End of Don’t Ask, Don’t Tell not good enough for local gay coupleWritten by Brandi Barhite | Community Ombudsman | email@example.com
A Toledo area couple isn’t hopeful that the end of the Don’t Ask, Don’t Tell policy on Sept. 20 might lead to a change in adoption laws. That helps the military, but not the everyday gay couple who wants children together, according to Amy Zawacki.
Zawacki and her partner Heather Guinn have been together for five years, but only Guinn is the legal parent of their 18-month-old twin boys, Max and Mason.
“That frustrates me. We got birth certificates when the babies were born and I am not on the birth certificates,” Zawacki said. “I know I have no legal rights to them.”
Ohio law prohibits gay couples from adopting together. It also prohibits a same-sex partner from petitioning to adopt a partner’s child. Zawacki agreed that Guinn would carry the boys, who were conceived through an anonymous sperm donor, because her partner is 36 years old and wanted to carry a baby before she got too old.
The couple would like to use the same sperm donor in the next year and have Zawacki, 29, carry the baby or babies. That way, “they will be blood relatives, half siblings,” she said.
“Adoption was never a choice,” but the decision had nothing to do with the adoption laws, Zawacki said. “It is really expensive after we did some research.”
The couple decided that using an anonymous sperm donor would be best for them.
“We didn’t want to know the sperm donor. We didn’t feel comfortable knowing there was a guy in our life who knew he was the father of our children,” she said.
The most frustrating thing for the couple is the boys can’t be on Zawacki’s health insurance, who is the only working parent. Guinn quit her job as a teacher to stay home with the boys because the cost of day care did not outweigh her income.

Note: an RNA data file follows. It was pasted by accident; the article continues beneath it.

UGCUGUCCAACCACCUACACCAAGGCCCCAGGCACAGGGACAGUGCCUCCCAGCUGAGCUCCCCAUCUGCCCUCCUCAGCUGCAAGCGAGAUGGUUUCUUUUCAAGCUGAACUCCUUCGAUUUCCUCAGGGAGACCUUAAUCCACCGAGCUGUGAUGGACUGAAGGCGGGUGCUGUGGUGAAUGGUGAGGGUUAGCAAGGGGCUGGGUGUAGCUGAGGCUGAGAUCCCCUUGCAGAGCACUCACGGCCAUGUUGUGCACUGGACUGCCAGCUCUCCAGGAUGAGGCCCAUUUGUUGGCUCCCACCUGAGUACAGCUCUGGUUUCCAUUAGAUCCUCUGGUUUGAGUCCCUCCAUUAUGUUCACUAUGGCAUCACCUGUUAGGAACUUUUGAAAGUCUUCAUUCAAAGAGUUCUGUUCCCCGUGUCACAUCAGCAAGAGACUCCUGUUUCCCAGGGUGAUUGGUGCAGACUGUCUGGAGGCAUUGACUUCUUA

The only reason the boys are insured is because they were born premature and are on state insurance for now. Guinn is uninsured.
Zawacki said the best hope to become the boys’ legal parent and insure them is a repeal of DOMA, the Defense of Marriage Act. DOMA is a law that basically says if there is a gay marriage in New York and then you come to Ohio, Ohio doesn’t have to recognize it, Zawacki said.
For a time, Zawacki served on the EqualityToledo board, which advocates for gay rights. She left her position because of the babies, but she and her family will be there on Aug. 27 at the Toledo Pride event in Downtown Toledo.
Zawacki said she wants her sons to know their moms are proud of their sexuality and their family.
“It is important to me. I don’t want to be poster child and I am much more comfortable than Heather is, but I think it is important because one day our kids are going to be in school and it makes me nervous that they might be bullied because they have two moms. We have to be proud of who we are so our boys are proud of who we are.”